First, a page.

Have you ever said something to someone and realized that they thought you meant something totally different than you did? Have you ever hurt someone’s feelings because of the words you used even though you meant nothing by it?

This is a huge reality when it comes to coaching. I have caught myself in the past when talking to my athletes saying something that I thought was motivating to them to push harder but realized later that they really just felt like I was upset with them. For example: Coach: “If you just put a little more effort into your training for the next month you should be caught up to your developmental plan”. The athlete may look at this as an incentive to work harder for the next month so they can get caught up or they may look at it as you trying to say they haven’t been working hard before now. It is solely based on their perception of your words.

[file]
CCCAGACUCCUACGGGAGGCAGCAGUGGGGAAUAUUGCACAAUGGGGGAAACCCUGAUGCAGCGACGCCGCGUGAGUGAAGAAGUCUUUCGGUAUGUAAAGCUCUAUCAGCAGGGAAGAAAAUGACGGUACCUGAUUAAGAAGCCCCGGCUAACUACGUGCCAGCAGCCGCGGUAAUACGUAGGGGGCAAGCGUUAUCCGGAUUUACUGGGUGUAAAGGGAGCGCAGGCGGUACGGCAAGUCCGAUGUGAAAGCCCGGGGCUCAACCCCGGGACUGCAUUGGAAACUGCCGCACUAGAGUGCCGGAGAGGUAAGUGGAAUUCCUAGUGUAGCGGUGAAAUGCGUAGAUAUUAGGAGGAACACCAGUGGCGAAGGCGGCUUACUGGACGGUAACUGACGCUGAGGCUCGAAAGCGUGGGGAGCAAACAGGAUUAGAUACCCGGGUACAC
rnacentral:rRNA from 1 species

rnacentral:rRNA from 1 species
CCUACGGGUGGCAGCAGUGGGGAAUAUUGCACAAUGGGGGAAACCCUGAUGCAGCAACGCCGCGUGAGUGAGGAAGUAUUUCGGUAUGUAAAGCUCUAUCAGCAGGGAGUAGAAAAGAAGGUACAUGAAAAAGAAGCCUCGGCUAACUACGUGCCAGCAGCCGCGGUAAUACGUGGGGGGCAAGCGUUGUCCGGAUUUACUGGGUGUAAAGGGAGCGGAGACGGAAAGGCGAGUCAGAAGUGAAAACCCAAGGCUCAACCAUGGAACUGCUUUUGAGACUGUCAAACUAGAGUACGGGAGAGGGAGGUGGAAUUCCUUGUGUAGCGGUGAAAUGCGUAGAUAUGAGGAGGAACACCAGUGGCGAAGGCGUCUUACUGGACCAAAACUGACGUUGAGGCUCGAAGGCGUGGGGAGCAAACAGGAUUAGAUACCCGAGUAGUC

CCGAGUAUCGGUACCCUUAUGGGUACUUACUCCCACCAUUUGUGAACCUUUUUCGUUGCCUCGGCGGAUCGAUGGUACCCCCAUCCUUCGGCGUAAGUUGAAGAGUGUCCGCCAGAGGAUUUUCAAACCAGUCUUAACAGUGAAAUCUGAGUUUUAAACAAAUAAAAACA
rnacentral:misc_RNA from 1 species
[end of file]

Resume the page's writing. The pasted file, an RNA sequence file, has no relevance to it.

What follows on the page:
I have learned that in order to minimize this from happening that it is important to always explain the context of your comments and feedback. At the end of the comment above I could say: “I am telling you this because I care about you and your progress in this sport. You are a talented athlete and I know you can do it so I am pushing you to put in a little more effort”. Suddenly my comment is empowering to them simply because I explained why I am asking for more effort.

Always remember that any feedback that you may feel is positive and helpful could easily be perceived in a way that is belittling or negative. Some athletes take constructive criticism well and others take it as an insult. It is our job as their coach to build a relationship with them in order to determine how they will understand our feedback.

Perception is everything in life and we have to be careful how our athletes perceive what we say if we want them to be able to use positivity to reach their highest potential.

By: Brittany Berezowski

“You are your own most powerful motivator and critic. Which will you be?”

-Coach Brittany-